Part of this loss of awe is, perhaps, the dictionary. We have categorised almost every emotion into meaning, we have begun to reach out to other languages to pull out more specific words to describe more specific feelings. Joy is not enough. It is petrichor on a monsoon day. Silence is not enough. It is kasa kasa to describe the sound of desert heat. There is this awful fear to have everything stated, a fear best expressed in Edouard Louis’s autobiographical novel A History of Violence: “If a person never heard anyone talk of love, maybe they would not be able to fall in love.”
A friend once sat me down and explained the meaning of “sublime” to me for I had been using it all wrong. It wasn’t just any kind of beauty. It was beauty that put the fear of God in you. To see something so beautiful it terrifies you. Staring at the Pacific waters at Oceans Beach at dusk, the sky a shade of Prussian blue I had never seen before, had never known could exist, the jolt of cheap weed, the ocean so vast, it was so scary. I wept.
Experiencing the sublime
Maybe, then, to feel awe, is to experience the sublime, where the fear of that beauty, the pungency of it, renders you incapable of asking for more of it, looking for reasons where none exist. The Soviet film director and film theorist Sergei Eisenstein thought colour was “capable of profound psychological revelation”, that to stare into the abyss of colour was to feel unmoored enough to feel vulnerable, for something dormant or non-existent to be exhumed.
The painter Mark Rothko, who from the 1950s until his death in 1970, only painted fields of hazy full-bodied colour stacked on top of each other, thought this complete lack of narrative in painting allowed for “the elimination of all obstacles between the painter and the idea, and between the idea and the observer.” It was radical. It was gorgeous. It was wasteful. Millions of dollars were spent in acquiring what millions of people thought was childish, unremarkable flinging of paint over canvas. And yet, when people stood in front of Rothkos—imposing as they are—they wept.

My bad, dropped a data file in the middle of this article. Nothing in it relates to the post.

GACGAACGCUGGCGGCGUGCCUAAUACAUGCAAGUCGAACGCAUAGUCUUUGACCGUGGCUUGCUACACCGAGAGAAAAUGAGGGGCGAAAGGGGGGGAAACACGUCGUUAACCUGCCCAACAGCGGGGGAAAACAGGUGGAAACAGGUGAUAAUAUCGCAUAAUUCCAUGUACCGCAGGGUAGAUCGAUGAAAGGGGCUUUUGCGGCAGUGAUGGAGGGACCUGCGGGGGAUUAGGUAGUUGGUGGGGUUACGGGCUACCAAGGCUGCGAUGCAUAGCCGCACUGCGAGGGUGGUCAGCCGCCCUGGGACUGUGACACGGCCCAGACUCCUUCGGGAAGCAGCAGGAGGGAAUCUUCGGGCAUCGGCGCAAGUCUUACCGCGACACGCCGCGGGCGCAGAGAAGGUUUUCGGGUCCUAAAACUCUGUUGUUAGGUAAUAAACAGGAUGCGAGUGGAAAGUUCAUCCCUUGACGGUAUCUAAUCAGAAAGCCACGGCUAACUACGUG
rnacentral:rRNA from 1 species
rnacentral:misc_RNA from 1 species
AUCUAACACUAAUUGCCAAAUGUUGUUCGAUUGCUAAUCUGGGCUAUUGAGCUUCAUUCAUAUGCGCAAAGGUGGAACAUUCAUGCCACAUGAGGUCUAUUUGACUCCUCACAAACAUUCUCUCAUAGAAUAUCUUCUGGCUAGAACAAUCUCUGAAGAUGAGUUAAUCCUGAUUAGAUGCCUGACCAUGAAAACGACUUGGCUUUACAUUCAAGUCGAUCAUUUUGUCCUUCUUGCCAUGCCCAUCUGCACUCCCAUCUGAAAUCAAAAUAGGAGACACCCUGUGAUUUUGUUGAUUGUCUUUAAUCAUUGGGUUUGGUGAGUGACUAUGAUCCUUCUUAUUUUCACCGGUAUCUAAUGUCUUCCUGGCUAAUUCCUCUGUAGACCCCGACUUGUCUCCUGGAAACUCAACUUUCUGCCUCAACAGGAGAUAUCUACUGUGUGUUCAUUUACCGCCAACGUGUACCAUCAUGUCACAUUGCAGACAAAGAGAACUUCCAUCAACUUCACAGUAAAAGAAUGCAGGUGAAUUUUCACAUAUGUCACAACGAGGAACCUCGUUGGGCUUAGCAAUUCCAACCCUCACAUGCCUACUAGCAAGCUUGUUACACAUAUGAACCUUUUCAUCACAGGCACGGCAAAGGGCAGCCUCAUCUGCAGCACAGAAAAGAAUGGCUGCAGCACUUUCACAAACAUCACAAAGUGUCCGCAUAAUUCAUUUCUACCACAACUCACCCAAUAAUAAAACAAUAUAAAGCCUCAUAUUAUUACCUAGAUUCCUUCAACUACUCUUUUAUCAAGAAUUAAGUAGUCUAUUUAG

The American art curator Sarah Urist Green boils it down to three things: monumentality; simplicity; stillness. Looking at Rothko’s paintings, divorced from the world, from memory, from silhouettes, from meaning, something primal throbs. Like when looking at the shadow of vapours when boiling water for your morning coffee. Like when walking looking up at a cloudless summer sky, lost, and bumping into a pole. Like looking at a glass window on a train, sunlight streaming through days, weeks, months of grime collecting at the edges, filtering the yellow.
But what about cinema—where is awe in cinema? Paul Valery in the 1960s noted that “profound changes are impending in the ancient craft of the Beautiful”. From what I see, this reliance on technology has begun to confuse scale for sweep, budget for beauty. Awe is leaking out, slowly, steadily.
Many critics found the visual effects of Brahmastra excellent, but what does that mean? Everything looked real enough for you to not question its validity, but not beautiful enough for your eyes to stammer and stagger, so you just sit there unmoved as a piece of adequate technology unfurls?
It is impossible to feel what theological lecturer Jessica Frazieris calls “our vast imaginations [pulled] in the opposite direction from our small, frail bodies”, for there is no pull, no push, we sit and the pixellated imagination does its cartwheels on the screen, out there, beyond us.
Prathyush Parasuraman is a writer and critic who writes across publications, both print and online. He also authors a newsletter on culture at prathyush.substack.com.